Fantasy Football Glossary
New to fantasy football? Or simply want to learn all of the lingo that makes up the game? Lucky for you, NFL.com has put together a glossary of fantasy football terms so you don't spend your next season with more questions than answers.
Adding a free-agent player off the waiver wire.
Owners take turns nominating players, who are then bid on by all owners. Each owner is given a spending limit (or salary cap) to complete their roster. This formula was popular in many early fantasy leagues and is still used today, although a snake/serpentine draft has become the most common way to fill out a roster.
ADP (Average draft position)
This report lists the average round in which a player is typically chosen during a fantasy football draft. NFL.com fantasy leagues will give a report based on the results of the numerous drafts that already have taken place.
Basic scoring system
The most basic scoring systems award points only for touchdowns, field goals and extra points. That could be six points for all touchdowns, three points for field goals and one point for extra points. Other basic scoring leagues will offer four points for touchdown passes. More advanced leagues will offer scoring bonuses for players hitting yardage markers, such as 250 passing yards or 100 rushing yards. Some exotic leagues will base points on length of touchdown scores, field goals, etc.
A player who goes from average to full-fledged fantasy football star. Cowboys WR Miles Austin, for instance, was a breakout star in 2009, going from the waiver wire to Fantasy All-Star with 1,320 receiving yards and 11 touchdowns.
A player who enters the season with high expectations but finishes with minimal statistical results. WR Randy Moss and RB Shonn Greene were two examples of players who failed to live up to high expectations coming into the 2010 season.
NFL teams play 16 games in 17 weeks, with a bye week mixed in somewhere. Being cognizant of bye weeks is very important when constructing a fantasy football team. As a result, you don't want to draft two quarterbacks with the same bye week because this will force you to go deep into the waiver wire for an emergency starter. For example, if you draft Peyton Manning (Week 7), you don't want to draft Matt Schaub or Mark Sanchez, who share the same bye week.
A prepared list of players ranked in order of fantasy value. When putting together a cheat sheet, be aware of your league's scoring system and rank your players accordingly.
A player who returns from a significant injury and re-emerges into a legitimate fantasy starter (i.e. Michael Vick was a "comeback player" in 2010 after his suspension in 2008 and 2009 caused him to miss those seasons).
A league that decides to assign its own value to touchdowns, field goals, extra points, etc. For instance, some leagues will give bonus point values for rushing or receiving game milestones. This is why it's important to know what type of scoring your league uses when you draft your team. NFL.com Fantasy Football 2010 allows you to customize more than 100 scoring settings and features.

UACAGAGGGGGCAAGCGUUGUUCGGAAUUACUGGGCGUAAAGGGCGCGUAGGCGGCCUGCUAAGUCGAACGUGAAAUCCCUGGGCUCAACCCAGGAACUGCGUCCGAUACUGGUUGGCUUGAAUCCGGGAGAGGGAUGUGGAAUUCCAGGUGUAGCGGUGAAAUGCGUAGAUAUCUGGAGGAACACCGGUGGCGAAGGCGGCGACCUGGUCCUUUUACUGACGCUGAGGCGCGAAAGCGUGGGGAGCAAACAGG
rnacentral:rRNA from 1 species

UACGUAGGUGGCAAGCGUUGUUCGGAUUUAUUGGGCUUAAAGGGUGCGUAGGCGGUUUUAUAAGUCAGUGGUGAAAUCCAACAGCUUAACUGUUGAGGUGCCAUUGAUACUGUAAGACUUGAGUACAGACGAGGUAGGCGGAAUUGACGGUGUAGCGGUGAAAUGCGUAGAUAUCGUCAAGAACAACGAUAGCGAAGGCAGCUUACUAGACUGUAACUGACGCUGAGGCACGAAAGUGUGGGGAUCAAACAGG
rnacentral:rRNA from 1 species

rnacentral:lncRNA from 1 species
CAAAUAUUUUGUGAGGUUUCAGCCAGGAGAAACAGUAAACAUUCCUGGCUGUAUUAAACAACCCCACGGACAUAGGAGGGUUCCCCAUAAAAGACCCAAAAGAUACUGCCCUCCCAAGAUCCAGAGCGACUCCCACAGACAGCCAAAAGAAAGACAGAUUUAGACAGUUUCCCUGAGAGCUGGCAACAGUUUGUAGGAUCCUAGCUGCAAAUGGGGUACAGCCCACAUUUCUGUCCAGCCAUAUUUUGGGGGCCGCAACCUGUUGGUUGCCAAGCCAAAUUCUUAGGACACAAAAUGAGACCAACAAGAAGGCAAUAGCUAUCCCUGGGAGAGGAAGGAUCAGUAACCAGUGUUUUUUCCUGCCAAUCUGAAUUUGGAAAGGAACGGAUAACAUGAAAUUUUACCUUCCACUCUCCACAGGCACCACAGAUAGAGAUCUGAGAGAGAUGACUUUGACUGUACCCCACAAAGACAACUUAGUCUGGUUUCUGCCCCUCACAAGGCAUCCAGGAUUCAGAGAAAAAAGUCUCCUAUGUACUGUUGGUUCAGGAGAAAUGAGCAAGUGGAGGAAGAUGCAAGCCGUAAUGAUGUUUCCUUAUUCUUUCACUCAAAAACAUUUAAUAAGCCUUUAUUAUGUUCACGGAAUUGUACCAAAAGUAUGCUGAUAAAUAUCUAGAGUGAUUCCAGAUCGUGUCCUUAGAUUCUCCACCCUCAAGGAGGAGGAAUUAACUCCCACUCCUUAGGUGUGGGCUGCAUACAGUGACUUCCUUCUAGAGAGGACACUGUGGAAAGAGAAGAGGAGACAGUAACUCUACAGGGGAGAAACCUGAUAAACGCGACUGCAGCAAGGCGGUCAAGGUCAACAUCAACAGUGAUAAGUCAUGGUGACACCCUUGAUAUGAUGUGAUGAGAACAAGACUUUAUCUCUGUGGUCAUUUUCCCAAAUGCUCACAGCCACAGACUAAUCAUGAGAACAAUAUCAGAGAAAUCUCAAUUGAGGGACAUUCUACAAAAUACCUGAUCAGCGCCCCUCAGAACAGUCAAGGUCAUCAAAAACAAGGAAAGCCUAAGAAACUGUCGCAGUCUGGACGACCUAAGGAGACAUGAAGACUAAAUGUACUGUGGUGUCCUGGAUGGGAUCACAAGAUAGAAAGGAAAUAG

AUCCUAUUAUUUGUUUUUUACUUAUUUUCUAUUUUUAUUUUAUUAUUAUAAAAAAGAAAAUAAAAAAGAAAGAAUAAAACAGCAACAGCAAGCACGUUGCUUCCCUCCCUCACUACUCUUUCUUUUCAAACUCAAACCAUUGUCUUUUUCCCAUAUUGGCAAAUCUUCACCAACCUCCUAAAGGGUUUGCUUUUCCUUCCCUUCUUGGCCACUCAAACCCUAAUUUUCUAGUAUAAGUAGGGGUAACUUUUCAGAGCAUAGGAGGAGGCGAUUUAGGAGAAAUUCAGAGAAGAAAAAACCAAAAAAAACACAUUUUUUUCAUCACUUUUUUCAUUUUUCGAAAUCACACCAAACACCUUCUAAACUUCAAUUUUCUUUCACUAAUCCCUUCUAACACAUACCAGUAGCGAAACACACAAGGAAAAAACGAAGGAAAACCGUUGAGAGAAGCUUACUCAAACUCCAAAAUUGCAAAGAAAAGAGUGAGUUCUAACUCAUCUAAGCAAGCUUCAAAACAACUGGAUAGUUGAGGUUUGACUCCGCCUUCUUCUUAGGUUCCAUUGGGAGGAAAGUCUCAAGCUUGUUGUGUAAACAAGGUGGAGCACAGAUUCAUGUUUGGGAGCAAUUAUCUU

An NFL roster split that shows first-, second- and third-string players. For instance, Adrian Peterson is first string at running back on the Vikings' depth chart, and Toby Gerhart is second. That's something important to keep in mind when you look at handcuffs (for the explanation of that term, look below).
Most fantasy football teams are constructed via a draft, where owners take turns picking players for the upcoming season. Most drafts orders are constructed through a random drawing or are based on the previous year's results, with the poorest teams drafting first.
People who enjoy drafting a fantasy football team but disappear long before the season is over, abandoning their team. At NFL.com, we do not have those types of owners.
Releasing a player back into the free-agent pool.
This is similar to a "keeper league" (see below), but instead of a few players being held over, an entire roster is retained. This league calls for a long-term commitment, but it also makes each draft run much smoother as only a few players will be picked.
When a team's season is lost and they cannot make the playoffs, owners of teams sometimes like to trade away their stud players to boost another team's chances of winning the championship.
Taking a gamble on a player (either in the draft or off the waiver wire) who has high potential but also carries a high risk. Many times, this can be a backup quarterback, backup running back, a player coming off an injury, or a rookie. Some owners took a "flier" on RB Arian Foster in the draft last season and reaped the rewards of the decision. However, these results aren't typical for most fliers. Normally, you end up releasing them or they sit on your bench for the entire season.
A player who isn't on a team's roster and is available on the waiver wire.
Taking the immediate backup for one of your prominent players. If you have RB Matt Forte, for instance, you would be wise to handcuff him by drafting Chester Taylor, too.
Some leagues will use the stats of individual defensive players, or IDPs, instead of using team defenses. Scoring can vary but typically includes point values for sacks, safeties and interceptions. If your league uses IDPs, be sure to add them to your cheat sheet. IDP's are available in custom leagues on NFL.com.
Some leagues will allow you to tag an injured player and add someone else to your roster. This is more common with dynasty and keeper leagues, but some seasonal leagues also use that option.
These leagues allow you to keep a certain number of players each season. The number of keepers varies from league-to-league. Some leagues, called "dynasty leagues," allow you to keep your entire roster.
A quick view of past league champions from previous seasons. You can also see who scored the most points as a team during a week in any given season.
An area to look at how your team and your opponents faired in previous years. Want to see who took home the championship in 2009? Everything you want to know is right at your fingertips.